Monday, December 1, 2008

New idea for power

Check this out (taken from the Telegraph UK)

Ocean currents can power the world, say scientists

A revolutionary device that can harness energy from slow-moving rivers and ocean currents could provide enough power for the entire world, scientists claim.

Ocean currents can power the world, say scientists
Existing technologies require an average current of five or six knots to operate efficiently, while most of the earth's currents are slower than three knots Photo: AP

The technology can generate electricity in water flowing at a rate of less than one knot - about one mile an hour - meaning it could operate on most waterways and sea beds around the globe.

Existing technologies which use water power, relying on the action of waves, tides or faster currents created by dams, are far more limited in where they can be used, and also cause greater obstructions when they are built in rivers or the sea. Turbines and water mills need an average current of five or six knots to operate efficiently, while most of the earth's currents are slower than three knots.

The new device, which has been inspired by the way fish swim, consists of a system of cylinders positioned horizontal to the water flow and attached to springs.

As water flows past, the cylinder creates vortices, which push and pull the cylinder up and down. The mechanical energy in the vibrations is then converted into electricity.

Cylinders arranged over a cubic metre of the sea or river bed in a flow of three knots can produce 51 watts. This is more efficient than similar-sized turbines or wave generators, and the amount of power produced can increase sharply if the flow is faster or if more cylinders are added.

A "field" of cylinders built on the sea bed over a 1km by 1.5km area, and the height of a two-storey house, with a flow of just three knots, could generate enough power for around 100,000 homes. Just a few of the cylinders, stacked in a short ladder, could power an anchored ship or a lighthouse.

Systems could be sited on river beds or suspended in the ocean. The scientists behind the technology, which has been developed in research funded by the US government, say that generating power in this way would potentially cost only around 3.5p per kilowatt hour, compared to about 4.5p for wind energy and between 10p and 31p for solar power. They say the technology would require up to 50 times less ocean acreage than wave power generation.

The system, conceived by scientists at the University of Michigan, is called Vivace, or "vortex-induced vibrations for aquatic clean energy".

Michael Bernitsas, a professor of naval architecture at the university, said it was based on the changes in water speed that are caused when a current flows past an obstruction. Eddies or vortices, formed in the water flow, can move objects up and down or left and right.

"This is a totally new method of extracting energy from water flow," said Mr Bernitsas. "Fish curve their bodies to glide between the vortices shed by the bodies of the fish in front of them. Their muscle power alone could not propel them through the water at the speed they go, so they ride in each other's wake."

Such vibrations, which were first observed 500 years ago by Leonardo DaVinci in the form of "Aeolian Tones", can cause damage to structures built in water, like docks and oil rigs. But Mr Bernitsas added: "We enhance the vibrations and harness this powerful and destructive force in nature.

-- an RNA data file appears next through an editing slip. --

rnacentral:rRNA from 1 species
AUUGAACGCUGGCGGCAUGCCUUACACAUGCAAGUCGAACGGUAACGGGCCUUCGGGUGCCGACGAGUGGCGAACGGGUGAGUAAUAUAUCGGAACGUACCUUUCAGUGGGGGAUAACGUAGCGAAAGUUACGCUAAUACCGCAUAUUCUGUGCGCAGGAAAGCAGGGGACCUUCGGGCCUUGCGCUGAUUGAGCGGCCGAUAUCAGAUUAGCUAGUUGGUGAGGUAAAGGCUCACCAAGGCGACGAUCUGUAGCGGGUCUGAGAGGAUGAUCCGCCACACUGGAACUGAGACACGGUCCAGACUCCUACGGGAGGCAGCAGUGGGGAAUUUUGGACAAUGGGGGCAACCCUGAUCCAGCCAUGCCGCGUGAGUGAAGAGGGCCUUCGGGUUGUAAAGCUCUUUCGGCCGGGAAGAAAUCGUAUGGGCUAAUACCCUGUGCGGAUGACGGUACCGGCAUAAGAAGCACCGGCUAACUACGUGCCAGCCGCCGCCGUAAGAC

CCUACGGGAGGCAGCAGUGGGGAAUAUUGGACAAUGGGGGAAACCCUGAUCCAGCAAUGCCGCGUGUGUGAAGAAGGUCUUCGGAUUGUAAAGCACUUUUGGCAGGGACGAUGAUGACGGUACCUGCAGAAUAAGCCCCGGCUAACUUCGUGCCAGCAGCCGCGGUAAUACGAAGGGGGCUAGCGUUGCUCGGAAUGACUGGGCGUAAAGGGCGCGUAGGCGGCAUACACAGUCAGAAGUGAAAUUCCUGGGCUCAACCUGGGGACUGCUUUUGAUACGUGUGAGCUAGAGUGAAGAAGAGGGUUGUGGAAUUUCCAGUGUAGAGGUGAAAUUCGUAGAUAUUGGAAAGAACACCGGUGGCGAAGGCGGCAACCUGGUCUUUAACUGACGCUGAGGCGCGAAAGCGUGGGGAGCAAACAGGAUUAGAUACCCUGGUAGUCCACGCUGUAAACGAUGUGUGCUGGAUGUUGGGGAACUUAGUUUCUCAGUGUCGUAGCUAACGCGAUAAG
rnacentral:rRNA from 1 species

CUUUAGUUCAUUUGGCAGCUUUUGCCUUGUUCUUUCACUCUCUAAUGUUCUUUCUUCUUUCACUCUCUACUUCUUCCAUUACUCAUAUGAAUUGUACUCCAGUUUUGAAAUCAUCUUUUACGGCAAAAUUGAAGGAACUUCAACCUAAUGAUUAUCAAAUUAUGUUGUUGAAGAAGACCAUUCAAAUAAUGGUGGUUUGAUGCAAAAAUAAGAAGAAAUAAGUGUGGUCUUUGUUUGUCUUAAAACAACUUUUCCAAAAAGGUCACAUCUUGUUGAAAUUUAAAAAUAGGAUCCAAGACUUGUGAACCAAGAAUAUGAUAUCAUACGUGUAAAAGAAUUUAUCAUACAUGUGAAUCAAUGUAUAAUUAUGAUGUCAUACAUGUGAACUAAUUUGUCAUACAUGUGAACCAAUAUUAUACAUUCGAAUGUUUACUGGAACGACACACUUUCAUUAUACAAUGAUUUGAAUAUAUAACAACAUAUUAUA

"If we could harness 0.1 per cent of the energy in the ocean, we could support the energy needs of 15 billion people. In the English Channel, for example, there is a very strong current, so you produce a lot of power."

Because the parts only oscillate slowly, the technology is likely to be less harmful to aquatic wildlife than dams or water turbines. And as the installations can be positioned far below the surface of the sea, there would be less interference with shipping, recreational boat users, fishing and tourism.

The engineers are now deploying a prototype device in the Detroit River, which has a flow of less than two knots. Their work, funded by the US Department of Energy and the US Office of Naval Research, is published in the current issue of the quarterly Journal of Offshore Mechanics and Arctic Engineering.

5 comments:

SimplyTim said...

Kewl...

I hope this pans out.

Wendy said...

This is a wicked cool idea, and as I live in a coastal town, I kind of like it even more ;).

Have you seen the biogas digester/power generators? I really like that idea. I hope we will find the company willing to sell in the US very soon. I think the biogas digesters would work really well in the suburbs, especially places like mine where I have a septic system already, instead of a public sewer.

trying to live the good life said...

SimplyTim....Definitely -- to both things.

Wendy...have you seen the book A Chinese Biogas Manual? Interesting book. Check it out if you can.

Eva said...

There is no free lunch. I am certain that there are significant drawbacks and costs (may be more or less hidden0 to this energy scheme as there are to all others. Here in BC we are fighting "independent power production" aka run of the river clean energy. Its not clean, green or sustainable. No energy source is.
I would ask a lot or questions before accepting this.

Conserve more, use less.

anne said...

We have a tidal generator in Nova Scotia, just down river from me... "one of 3 operating in the world" they are a fabulous technology; you can read about it here http://www.nspower.ca/environment/green_power/tidal/index.shtml

In regard to biofuel..we need to be careful about new, unregulated synthetic biology ("extreme genetic engineering" and nanotech. microbes that are being engineered to convert sugars to gas...not to mention the crisis for food security that conversion of farmland to fuel crops is creating.
Anne